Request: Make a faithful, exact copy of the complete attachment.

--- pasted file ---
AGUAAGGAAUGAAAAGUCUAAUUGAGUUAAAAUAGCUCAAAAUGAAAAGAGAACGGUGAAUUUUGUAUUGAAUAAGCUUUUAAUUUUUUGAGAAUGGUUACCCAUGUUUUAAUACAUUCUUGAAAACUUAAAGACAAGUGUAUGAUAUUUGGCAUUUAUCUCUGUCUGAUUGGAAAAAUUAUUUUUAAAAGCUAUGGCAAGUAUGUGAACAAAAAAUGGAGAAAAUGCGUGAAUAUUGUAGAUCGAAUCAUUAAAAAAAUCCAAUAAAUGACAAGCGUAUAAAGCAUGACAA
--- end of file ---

AGUAAGGAAUGAAAAGUCUAAUUGAGUUAAAAUAGCUCAAAAUGAAAAGAGAACGGUGAAUUUUGUAUUGAAUAAGCUUUUAAUUUUUUGAGAAUGGUUACCCAUGUUUUAAUACAUUCUUGAAAACUUAAAGACAAGUGUAUGAUAUUUGGCAUUUAUCUCUGUCUGAUUGGAAAAAUUAUUUUUAAAAGCUAUGGCAAGUAUGUGAACAAAAAAUGGAGAAAAUGCGUGAAUAUUGUAGAUCGAAUCAUUAAAAAAAUCCAAUAAAUGACAAGCGUAUAAAGCAUGACAA